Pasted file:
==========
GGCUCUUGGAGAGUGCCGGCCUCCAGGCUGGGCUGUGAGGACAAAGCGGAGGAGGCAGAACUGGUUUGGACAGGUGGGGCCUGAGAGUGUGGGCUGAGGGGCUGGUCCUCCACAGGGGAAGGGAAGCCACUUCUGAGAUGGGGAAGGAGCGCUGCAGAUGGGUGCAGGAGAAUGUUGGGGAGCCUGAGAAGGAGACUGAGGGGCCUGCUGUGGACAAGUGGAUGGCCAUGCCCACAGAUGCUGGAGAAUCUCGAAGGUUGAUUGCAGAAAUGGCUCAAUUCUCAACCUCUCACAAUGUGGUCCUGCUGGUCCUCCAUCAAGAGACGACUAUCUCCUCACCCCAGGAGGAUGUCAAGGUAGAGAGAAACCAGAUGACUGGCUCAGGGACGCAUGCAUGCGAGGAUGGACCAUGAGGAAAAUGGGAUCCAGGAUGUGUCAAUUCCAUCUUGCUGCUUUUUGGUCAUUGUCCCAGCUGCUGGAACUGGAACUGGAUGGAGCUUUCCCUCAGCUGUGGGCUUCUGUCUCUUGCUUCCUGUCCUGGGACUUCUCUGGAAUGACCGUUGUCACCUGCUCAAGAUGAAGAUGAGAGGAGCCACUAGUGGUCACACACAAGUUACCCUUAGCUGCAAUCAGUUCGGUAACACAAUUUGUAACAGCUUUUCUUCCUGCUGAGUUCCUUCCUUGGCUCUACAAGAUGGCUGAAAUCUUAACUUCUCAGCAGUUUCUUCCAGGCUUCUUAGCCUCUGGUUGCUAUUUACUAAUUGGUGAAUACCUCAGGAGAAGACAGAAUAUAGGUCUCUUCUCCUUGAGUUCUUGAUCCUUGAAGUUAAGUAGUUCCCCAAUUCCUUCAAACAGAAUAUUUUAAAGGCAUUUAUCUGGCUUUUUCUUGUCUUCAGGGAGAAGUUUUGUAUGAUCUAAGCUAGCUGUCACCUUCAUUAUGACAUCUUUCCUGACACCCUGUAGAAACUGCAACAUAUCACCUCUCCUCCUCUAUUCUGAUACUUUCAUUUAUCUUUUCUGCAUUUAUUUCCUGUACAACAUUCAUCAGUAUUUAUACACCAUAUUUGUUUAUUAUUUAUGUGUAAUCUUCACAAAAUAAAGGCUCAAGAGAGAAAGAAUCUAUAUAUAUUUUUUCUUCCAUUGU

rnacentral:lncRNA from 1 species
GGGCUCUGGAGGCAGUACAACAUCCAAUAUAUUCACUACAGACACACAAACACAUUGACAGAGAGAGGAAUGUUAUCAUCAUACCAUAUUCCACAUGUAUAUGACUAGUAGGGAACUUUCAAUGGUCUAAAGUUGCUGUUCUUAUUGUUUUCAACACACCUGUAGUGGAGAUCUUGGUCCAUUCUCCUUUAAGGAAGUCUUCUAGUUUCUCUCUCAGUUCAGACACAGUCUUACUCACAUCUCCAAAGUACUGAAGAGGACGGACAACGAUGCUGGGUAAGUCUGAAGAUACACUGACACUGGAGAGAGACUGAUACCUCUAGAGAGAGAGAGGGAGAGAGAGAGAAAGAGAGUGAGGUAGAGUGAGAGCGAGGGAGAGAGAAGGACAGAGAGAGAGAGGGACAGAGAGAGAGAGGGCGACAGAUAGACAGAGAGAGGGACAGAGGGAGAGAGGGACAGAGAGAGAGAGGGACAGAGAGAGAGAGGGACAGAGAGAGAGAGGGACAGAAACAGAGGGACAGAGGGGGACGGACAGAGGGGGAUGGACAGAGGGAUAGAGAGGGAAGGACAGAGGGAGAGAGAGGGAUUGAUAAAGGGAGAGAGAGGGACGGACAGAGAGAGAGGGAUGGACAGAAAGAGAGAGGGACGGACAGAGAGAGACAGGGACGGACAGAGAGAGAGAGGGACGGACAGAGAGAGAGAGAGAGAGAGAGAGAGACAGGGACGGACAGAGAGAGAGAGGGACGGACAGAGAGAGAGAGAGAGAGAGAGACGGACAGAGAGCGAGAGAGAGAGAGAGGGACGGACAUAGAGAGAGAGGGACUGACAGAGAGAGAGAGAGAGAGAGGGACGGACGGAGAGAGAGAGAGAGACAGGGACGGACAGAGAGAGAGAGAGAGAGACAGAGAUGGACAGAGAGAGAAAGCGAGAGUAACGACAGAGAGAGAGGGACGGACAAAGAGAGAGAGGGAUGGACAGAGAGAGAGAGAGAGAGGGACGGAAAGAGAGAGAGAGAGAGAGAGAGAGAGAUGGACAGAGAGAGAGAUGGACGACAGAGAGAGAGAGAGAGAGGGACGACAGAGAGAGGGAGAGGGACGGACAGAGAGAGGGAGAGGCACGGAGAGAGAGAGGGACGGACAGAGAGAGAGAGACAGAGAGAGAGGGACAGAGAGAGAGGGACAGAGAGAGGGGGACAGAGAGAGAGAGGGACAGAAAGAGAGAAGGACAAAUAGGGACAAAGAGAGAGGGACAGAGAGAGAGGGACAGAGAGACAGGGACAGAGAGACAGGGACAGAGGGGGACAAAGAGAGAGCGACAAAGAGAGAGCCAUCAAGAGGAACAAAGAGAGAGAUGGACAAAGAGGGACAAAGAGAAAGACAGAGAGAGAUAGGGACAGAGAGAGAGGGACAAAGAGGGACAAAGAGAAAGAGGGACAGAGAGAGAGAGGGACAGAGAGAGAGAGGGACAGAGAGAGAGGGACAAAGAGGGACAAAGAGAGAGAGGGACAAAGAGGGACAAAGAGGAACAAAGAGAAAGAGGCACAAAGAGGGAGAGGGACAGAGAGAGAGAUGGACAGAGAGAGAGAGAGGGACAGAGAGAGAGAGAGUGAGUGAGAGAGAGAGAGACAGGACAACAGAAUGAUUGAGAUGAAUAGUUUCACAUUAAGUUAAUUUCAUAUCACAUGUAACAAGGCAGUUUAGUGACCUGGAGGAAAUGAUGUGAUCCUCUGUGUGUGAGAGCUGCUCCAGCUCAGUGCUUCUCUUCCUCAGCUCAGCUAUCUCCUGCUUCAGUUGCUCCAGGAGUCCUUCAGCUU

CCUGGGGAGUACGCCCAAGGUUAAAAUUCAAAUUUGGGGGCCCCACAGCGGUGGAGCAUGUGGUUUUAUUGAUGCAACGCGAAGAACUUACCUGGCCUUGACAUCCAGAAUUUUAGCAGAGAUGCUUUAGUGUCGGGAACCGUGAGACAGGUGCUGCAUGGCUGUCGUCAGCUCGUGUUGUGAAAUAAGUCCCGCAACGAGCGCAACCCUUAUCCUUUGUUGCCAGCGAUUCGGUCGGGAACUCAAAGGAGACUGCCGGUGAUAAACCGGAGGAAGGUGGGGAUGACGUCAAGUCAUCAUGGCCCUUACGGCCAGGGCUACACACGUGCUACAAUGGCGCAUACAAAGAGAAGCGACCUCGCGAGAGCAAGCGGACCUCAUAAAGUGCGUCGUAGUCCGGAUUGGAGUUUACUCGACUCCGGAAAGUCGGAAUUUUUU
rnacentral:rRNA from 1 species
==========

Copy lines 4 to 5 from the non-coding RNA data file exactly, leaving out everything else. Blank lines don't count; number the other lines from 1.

CCUGGGGAGUACGCCCAAGGUUAAAAUUCAAAUUUGGGGGCCCCACAGCGGUGGAGCAUGUGGUUUUAUUGAUGCAACGCGAAGAACUUACCUGGCCUUGACAUCCAGAAUUUUAGCAGAGAUGCUUUAGUGUCGGGAACCGUGAGACAGGUGCUGCAUGGCUGUCGUCAGCUCGUGUUGUGAAAUAAGUCCCGCAACGAGCGCAACCCUUAUCCUUUGUUGCCAGCGAUUCGGUCGGGAACUCAAAGGAGACUGCCGGUGAUAAACCGGAGGAAGGUGGGGAUGACGUCAAGUCAUCAUGGCCCUUACGGCCAGGGCUACACACGUGCUACAAUGGCGCAUACAAAGAGAAGCGACCUCGCGAGAGCAAGCGGACCUCAUAAAGUGCGUCGUAGUCCGGAUUGGAGUUUACUCGACUCCGGAAAGUCGGAAUUUUUU
rnacentral:rRNA from 1 species